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Self-Driving Cars Are Going to Change Our Habits

Self-Driving Cars Are Going to Change Our Habits

The Information Age has brought us many incredible tech advancements, and Google has always been at the forefront. Back in 2001, we first saw Google Images, and had access to millions of photos in one place. In 2004 Gmail launched giving us one of the all time greatest email platforms. Fast forward almost a decade to May of 2012 and something unimaginable surfaced.

The Self-Driving Phenomenon

With significant advancements in robotics and algorithmic thinking, Google has successfully done what was previously believed to be impossible. In May of 2012, Google retrofitted a Toyota Prius with self-driving technology and it legally drove itself for the first time in Nevada. In a modern story of sci-fi turned reality, the self-driving car finally exists.

Aspects of Change

Google plans to change the world with this idea. Think of all the ways in which a person currently commutes. The days of bus travel, paying for expensive taxi rides, and even driving yourself will soon be over. Furthermore, safety in all forms of travel will be greatly increased as human error is taken out of the picture.

The safety risks behind text or talking on your phone while driving are a real issue. In a recent study by AT&T, it was discovered that on average 70% of drivers regularly use their smartphones while operating a vehicle. The world is addicted to their phones, but once driving yourself becomes obsolete, this will be acceptable and safe. One could even start working remotely while being chauffeured autonomously.

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The Science Behind Self-Driving Tech

Google stated that it expects to commercialize their groundbreaking line of automobiles soon; mainstream public use is expected to start between 2017 and 2020. A main concern for most people when introduced with the idea of automated travel is safety. Are these cars actually consistently safe? Short answer: yes, definitely!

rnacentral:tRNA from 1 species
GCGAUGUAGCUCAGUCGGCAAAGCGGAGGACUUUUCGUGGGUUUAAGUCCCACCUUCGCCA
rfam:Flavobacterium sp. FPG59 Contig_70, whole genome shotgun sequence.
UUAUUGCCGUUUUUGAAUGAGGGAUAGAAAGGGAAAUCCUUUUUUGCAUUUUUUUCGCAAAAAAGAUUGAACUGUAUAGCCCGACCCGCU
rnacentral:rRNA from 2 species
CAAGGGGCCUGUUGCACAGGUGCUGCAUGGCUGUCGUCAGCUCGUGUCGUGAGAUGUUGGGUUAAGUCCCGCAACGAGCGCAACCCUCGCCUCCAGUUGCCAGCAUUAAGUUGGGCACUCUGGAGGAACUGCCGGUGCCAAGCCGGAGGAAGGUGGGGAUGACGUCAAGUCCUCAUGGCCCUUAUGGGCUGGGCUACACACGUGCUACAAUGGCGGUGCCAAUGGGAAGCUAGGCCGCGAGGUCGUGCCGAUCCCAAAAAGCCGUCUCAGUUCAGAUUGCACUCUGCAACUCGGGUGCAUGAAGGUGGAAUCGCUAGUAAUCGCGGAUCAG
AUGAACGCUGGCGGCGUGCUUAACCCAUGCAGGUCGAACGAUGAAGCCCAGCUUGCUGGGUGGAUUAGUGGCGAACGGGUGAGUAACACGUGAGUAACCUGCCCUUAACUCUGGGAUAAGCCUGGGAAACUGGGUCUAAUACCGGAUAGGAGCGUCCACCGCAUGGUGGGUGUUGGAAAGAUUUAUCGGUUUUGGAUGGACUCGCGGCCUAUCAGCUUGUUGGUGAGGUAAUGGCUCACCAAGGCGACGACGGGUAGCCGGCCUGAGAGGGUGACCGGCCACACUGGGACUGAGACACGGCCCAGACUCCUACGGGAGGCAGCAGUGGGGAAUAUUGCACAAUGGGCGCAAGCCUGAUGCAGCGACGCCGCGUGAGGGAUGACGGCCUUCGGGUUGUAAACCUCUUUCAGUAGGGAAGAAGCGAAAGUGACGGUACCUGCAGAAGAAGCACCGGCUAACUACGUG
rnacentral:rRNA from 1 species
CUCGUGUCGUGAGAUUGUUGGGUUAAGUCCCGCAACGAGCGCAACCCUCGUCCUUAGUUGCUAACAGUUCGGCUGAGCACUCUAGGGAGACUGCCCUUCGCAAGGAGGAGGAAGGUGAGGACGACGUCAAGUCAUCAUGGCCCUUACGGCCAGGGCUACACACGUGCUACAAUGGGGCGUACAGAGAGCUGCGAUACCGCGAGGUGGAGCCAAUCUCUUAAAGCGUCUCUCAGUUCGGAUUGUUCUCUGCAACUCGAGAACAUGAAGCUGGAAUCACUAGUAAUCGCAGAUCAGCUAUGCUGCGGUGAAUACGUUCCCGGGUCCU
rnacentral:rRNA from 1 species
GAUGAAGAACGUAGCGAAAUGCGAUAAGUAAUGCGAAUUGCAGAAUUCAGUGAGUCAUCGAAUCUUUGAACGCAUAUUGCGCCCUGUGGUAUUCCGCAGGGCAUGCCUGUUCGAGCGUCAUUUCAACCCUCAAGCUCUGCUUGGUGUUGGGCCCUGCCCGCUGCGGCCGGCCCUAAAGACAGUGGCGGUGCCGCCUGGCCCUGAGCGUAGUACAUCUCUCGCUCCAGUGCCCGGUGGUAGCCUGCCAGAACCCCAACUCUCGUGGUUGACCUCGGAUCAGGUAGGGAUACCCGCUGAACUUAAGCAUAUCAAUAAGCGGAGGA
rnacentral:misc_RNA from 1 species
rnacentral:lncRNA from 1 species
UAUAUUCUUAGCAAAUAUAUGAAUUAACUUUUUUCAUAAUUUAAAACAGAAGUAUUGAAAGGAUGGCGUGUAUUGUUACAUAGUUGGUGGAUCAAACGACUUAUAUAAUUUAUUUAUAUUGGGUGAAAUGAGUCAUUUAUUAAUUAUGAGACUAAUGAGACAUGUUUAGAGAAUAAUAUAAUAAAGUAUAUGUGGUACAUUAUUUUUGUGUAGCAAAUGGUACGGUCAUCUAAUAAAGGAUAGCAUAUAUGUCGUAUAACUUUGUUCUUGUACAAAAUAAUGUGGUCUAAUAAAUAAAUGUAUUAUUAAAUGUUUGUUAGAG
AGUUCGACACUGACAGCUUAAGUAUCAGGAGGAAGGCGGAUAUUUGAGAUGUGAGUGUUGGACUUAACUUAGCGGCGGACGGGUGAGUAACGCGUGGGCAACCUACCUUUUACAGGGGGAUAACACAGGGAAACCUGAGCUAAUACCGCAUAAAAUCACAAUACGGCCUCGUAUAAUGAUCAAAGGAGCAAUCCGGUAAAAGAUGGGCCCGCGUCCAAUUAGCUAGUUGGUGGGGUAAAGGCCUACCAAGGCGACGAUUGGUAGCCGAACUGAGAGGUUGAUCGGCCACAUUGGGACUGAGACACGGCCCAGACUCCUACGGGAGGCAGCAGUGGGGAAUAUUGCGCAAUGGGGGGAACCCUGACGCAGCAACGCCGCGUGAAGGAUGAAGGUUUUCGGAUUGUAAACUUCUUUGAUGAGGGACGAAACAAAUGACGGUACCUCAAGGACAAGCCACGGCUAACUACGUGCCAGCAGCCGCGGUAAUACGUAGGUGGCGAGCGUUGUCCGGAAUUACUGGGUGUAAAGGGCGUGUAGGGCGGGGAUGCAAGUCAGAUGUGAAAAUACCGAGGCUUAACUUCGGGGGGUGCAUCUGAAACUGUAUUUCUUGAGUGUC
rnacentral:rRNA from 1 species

Google X, the special team behind the driverless car uses intricate algorithms and in-depth Google Maps technology to keep passengers safe. Recently, a Google customized Audi Q5 SUV completed a legendary 3400 mile solo road trip from coast to coast. The driverless Audi made 99% of the trip on its own, with a remote driver only taking over for a particularly confusing 50 mile stretch of roadway.

google-driverless-car-explained

    Explanation of Google’s electric driverless car via 9to5 Google

    The driverless car by Google is a technological wonder. It uses radars and other sensors that are strategically placed on the front and back, as well as near the wheels. The driverless car features a rotating radar on the top, known as a Lidar (light detection and ranging). Lidars analyze pulses of light, which helps the car identify lane markings and the edges of roadways.

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    All self-driving cars use cameras in the front and rear. These are crucially important and look for street lights to change, identify traffic patterns and variables, and help share the road, keeping cyclists in mind.

    Even the construction of the car’s body itself was created to allow for zero sensor ‘blind spots’. The rounded shape gives the car a near 360 degree view of its surroundings. As far as the interior goes, it is designed solely for passengers, and is spacious and comfortable for a two seat automobile.

    Ironically enough, the biggest limitations for Google’s autonomous vehicles are human drivers! Of the few accidents accounted for in Google’s monthly self-driving report, the vast majority have been due to uncontrollable, outside factors: mainly other careless drivers.

    The Famous Self-Driving Models

    Three of Google’s driverless cars stand out as face of this unique travel concept. The Mercedes F 015 being the most notable and futuristic looking.

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    merc

      The Mercedes F 015, check out this video for a more in depth view.

      prototype-early-2014

        Google’s 2014 self-driving prototype

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        lexus RX450h

          The driverless Lexus RX 450h

          For some additional information on this new technological wonder, check out another article I wrote about self-driving cars.

          Featured photo credit: Self-driving car on the road / Google via google.com

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          Robert Parmer

          Freelance Writer

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          Last Updated on May 14, 2019

          8 Replacements for Google Notebook

          8 Replacements for Google Notebook